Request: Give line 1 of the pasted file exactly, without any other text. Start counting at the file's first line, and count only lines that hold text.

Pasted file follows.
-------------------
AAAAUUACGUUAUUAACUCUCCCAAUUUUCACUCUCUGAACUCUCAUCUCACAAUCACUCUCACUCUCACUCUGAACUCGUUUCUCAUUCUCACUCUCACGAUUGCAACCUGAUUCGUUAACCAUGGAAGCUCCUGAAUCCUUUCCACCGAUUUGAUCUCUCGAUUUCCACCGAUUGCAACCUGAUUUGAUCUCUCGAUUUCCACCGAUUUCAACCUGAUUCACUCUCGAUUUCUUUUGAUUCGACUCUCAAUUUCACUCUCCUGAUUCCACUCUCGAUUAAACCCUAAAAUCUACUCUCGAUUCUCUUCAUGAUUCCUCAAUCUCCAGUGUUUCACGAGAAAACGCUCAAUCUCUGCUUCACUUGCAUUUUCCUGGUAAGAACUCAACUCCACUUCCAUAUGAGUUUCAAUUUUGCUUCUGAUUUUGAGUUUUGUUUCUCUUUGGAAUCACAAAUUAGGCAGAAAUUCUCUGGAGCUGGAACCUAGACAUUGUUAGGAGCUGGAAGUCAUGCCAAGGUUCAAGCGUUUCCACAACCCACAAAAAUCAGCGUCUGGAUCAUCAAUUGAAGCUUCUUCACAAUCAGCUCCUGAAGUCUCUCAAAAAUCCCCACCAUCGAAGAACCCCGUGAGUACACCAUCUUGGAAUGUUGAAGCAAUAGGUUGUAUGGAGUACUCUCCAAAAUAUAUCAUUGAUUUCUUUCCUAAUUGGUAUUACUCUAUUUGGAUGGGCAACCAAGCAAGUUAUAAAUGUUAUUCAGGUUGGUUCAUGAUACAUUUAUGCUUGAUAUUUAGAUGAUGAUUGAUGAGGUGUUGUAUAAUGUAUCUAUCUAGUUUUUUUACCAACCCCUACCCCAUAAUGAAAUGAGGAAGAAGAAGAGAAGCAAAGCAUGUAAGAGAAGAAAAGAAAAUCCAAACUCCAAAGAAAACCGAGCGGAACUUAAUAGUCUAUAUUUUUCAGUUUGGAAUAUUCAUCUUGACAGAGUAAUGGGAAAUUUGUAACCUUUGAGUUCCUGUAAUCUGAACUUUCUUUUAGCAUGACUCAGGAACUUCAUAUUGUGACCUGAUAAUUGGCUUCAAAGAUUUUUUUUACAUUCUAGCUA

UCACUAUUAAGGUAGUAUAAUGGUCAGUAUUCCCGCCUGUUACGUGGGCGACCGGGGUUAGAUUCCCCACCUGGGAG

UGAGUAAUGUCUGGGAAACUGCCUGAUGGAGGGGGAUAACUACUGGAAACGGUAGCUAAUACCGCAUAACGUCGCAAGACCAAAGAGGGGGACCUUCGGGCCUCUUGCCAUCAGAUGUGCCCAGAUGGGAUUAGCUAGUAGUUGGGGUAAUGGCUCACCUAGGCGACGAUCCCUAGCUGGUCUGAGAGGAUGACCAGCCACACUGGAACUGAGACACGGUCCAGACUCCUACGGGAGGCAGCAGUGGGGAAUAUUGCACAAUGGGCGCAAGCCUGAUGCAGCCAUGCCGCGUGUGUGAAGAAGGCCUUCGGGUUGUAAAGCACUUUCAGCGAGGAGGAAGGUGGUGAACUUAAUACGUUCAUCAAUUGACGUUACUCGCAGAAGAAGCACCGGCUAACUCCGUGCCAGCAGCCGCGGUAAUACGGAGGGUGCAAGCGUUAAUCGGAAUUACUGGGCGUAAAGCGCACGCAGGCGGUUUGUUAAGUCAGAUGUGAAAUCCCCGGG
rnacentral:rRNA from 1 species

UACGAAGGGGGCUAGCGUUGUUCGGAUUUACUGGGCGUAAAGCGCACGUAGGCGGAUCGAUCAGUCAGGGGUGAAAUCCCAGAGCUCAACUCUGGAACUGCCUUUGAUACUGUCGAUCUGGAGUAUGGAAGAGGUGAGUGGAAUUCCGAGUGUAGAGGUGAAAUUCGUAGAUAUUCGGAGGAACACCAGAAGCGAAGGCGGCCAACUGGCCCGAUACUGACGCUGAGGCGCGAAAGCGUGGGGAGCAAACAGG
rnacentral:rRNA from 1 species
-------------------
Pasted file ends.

AAAAUUACGUUAUUAACUCUCCCAAUUUUCACUCUCUGAACUCUCAUCUCACAAUCACUCUCACUCUCACUCUGAACUCGUUUCUCAUUCUCACUCUCACGAUUGCAACCUGAUUCGUUAACCAUGGAAGCUCCUGAAUCCUUUCCACCGAUUUGAUCUCUCGAUUUCCACCGAUUGCAACCUGAUUUGAUCUCUCGAUUUCCACCGAUUUCAACCUGAUUCACUCUCGAUUUCUUUUGAUUCGACUCUCAAUUUCACUCUCCUGAUUCCACUCUCGAUUAAACCCUAAAAUCUACUCUCGAUUCUCUUCAUGAUUCCUCAAUCUCCAGUGUUUCACGAGAAAACGCUCAAUCUCUGCUUCACUUGCAUUUUCCUGGUAAGAACUCAACUCCACUUCCAUAUGAGUUUCAAUUUUGCUUCUGAUUUUGAGUUUUGUUUCUCUUUGGAAUCACAAAUUAGGCAGAAAUUCUCUGGAGCUGGAACCUAGACAUUGUUAGGAGCUGGAAGUCAUGCCAAGGUUCAAGCGUUUCCACAACCCACAAAAAUCAGCGUCUGGAUCAUCAAUUGAAGCUUCUUCACAAUCAGCUCCUGAAGUCUCUCAAAAAUCCCCACCAUCGAAGAACCCCGUGAGUACACCAUCUUGGAAUGUUGAAGCAAUAGGUUGUAUGGAGUACUCUCCAAAAUAUAUCAUUGAUUUCUUUCCUAAUUGGUAUUACUCUAUUUGGAUGGGCAACCAAGCAAGUUAUAAAUGUUAUUCAGGUUGGUUCAUGAUACAUUUAUGCUUGAUAUUUAGAUGAUGAUUGAUGAGGUGUUGUAUAAUGUAUCUAUCUAGUUUUUUUACCAACCCCUACCCCAUAAUGAAAUGAGGAAGAAGAAGAGAAGCAAAGCAUGUAAGAGAAGAAAAGAAAAUCCAAACUCCAAAGAAAACCGAGCGGAACUUAAUAGUCUAUAUUUUUCAGUUUGGAAUAUUCAUCUUGACAGAGUAAUGGGAAAUUUGUAACCUUUGAGUUCCUGUAAUCUGAACUUUCUUUUAGCAUGACUCAGGAACUUCAUAUUGUGACCUGAUAAUUGGCUUCAAAGAUUUUUUUUACAUUCUAGCUA